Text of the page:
BC swim team files suit, asks to lift hazing ban

BC swim team files suit, asks to lift hazing ban

More than 30 members of the Boston College men’s and women’s swimming and diving team, whose season was indefinitely suspended after reports of alleged hazing in September, have filed a civil lawsuit and asked a judge to take action that would let them return to the pool.

A lawsuit filed Tuesday by 37 unnamed members of the school’s swimming and diving team says the university imposed an unjustified “blanket suspension” and ended the entire team’s season before an investigation into the allegations was finished and before any findings were made. Among the allegations in the suit, the athletes say the university violated its own code of conduct system and deprived athletes of the right to defend themselves.

The suit names university trustees, athletics director Blake James and senior associate athletic director Reggie Terry as defendants. It says James and Terry made a defamatory statement, and it accused James of taking “drastic, unfair and unprecedented” action against the entire co-ed team.

In a related court filing Wednesday, the athletes’ lawyers requested a temporary restraining order and a preliminary injunction that would let the athletes resume their season. Middlesex County Superior Court Justice Diane C. Freniere scheduled a hearing Tuesday on the injunction request.

“The request is to lift the full team suspension so that the students can go back to normal training and competition,” said Tara Davis, a partner with Nesenoff & Miltenberg, the firm representing the athletes.

Jack Dunn, a Boston College spokesman, said in a statement Wednesday: “The investigation and University conduct process involving these credible and serious allegations of hazing will continue through the Office of the Dean of Students, undeterred by any threats of legal action.”

Allegations of hazing surfaced after reports that attendees at a freshman event in early September “were allegedly instructed to binge drink and forced to drink their own vomit,” according to The Heights, the independent student news outlet at Boston College, which cited a university administrator’s letter that it had obtained. The Heights reported that the letter also stated that members of the team allegedly engaged in underage drinking at two additional events.

Boston College’s athletic department placed the program on indefinite suspension Sept. 20, three days before the swimming and diving season was scheduled to begin. The university initially said in a statement that administrators determined that hazing had taken place within the program. The university later revised the statement to say there were “credible reports of hazing.”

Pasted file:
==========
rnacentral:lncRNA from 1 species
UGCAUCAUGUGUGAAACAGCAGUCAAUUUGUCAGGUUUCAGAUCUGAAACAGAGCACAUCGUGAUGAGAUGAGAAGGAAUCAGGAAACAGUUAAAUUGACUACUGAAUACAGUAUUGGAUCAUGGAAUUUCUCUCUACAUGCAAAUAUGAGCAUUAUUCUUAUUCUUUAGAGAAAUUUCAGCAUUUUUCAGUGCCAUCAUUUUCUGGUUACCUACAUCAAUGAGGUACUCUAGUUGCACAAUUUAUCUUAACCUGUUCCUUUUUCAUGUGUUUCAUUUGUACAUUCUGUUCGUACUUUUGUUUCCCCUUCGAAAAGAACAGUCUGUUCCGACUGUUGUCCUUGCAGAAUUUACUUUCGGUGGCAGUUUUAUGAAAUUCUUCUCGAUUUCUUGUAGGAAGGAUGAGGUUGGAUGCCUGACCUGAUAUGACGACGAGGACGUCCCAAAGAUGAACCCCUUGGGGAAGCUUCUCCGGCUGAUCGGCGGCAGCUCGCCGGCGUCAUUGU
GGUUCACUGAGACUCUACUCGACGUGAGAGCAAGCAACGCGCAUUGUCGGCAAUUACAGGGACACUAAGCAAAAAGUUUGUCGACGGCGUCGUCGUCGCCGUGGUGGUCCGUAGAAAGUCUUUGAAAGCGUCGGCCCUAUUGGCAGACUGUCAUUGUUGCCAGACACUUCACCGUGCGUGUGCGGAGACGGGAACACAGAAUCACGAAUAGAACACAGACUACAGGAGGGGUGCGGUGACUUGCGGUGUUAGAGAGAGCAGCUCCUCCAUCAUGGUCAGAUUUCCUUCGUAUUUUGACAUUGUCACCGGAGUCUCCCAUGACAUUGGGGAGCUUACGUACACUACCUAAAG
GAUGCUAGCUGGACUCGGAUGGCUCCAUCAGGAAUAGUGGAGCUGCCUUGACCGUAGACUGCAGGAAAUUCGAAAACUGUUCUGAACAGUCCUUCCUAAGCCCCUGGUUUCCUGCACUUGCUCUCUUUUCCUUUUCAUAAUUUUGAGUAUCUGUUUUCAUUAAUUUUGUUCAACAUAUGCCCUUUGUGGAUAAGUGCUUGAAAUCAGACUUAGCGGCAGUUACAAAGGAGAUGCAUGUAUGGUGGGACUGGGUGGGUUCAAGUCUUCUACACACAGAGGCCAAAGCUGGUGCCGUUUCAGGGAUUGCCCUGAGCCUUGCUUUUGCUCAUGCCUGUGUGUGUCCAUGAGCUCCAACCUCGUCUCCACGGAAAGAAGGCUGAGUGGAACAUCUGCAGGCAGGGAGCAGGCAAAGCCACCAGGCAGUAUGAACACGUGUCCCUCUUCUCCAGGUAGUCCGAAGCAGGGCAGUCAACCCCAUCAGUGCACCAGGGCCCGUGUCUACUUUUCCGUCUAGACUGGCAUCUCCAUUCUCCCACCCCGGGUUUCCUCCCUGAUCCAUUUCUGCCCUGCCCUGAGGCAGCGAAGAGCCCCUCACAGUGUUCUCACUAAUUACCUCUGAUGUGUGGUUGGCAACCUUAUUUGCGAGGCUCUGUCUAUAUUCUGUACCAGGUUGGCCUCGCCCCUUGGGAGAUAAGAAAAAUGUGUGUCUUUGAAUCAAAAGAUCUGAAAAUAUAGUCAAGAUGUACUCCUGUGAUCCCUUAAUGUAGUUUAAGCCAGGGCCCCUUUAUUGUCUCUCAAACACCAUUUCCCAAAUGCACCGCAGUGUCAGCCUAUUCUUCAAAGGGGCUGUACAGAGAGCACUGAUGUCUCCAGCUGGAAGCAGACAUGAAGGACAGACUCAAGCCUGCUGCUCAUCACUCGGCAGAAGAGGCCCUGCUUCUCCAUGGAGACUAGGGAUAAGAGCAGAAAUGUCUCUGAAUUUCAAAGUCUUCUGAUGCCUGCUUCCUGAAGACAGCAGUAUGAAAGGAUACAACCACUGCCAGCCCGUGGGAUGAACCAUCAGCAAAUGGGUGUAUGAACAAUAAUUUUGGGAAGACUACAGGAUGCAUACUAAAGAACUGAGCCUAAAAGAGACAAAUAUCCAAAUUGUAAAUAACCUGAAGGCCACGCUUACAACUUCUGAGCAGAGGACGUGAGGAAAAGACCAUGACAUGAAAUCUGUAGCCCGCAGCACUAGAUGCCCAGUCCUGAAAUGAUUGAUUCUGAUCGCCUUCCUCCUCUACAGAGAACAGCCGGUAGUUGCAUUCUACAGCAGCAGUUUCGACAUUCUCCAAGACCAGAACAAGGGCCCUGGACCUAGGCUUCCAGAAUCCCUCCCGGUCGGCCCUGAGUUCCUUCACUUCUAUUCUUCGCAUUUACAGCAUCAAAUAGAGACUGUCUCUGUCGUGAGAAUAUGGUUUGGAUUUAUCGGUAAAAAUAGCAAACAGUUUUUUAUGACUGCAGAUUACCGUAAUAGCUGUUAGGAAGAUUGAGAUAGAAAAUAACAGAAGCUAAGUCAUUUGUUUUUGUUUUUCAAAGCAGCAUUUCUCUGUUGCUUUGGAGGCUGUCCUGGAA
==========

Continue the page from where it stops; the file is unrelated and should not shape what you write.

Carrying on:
“Based on the information known at this time, Athletics has determined a program suspension is warranted, pending a full investigation by the University,” BC’s revised statement said. “Consistent with University policy, the matter will be investigated by the Office of the Dean of Students and adjudicated fairly and impartially through the student conduct process. Once the investigation and adjudication process is complete, Athletics will reassess the status of the teams.”

The swimmers’ lawsuit says members of the team have been “ostracized by their peers, subjected to hateful social media postings, stalked by various local and national media seeking comments, mistreated by others on campus to the point that they were afraid to wear their swimming and diving gear in public, subjected to public humiliation and embarrassment, and have become concerned for their safety and well-being, all of which has also impacted their ability to focus on their academics and training.”

The names of the 37 athletes were not included in the lawsuit, which seeks an unspecified amount of damages along with a retraction of the university statement and a reversal of the suspension. The judge granted a request for the use of “John Doe” and “Jane Doe” pseudonyms. The judge also sealed for 10 days each individual plaintiff’s declaration of personal harm.

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Anthony Olivieri

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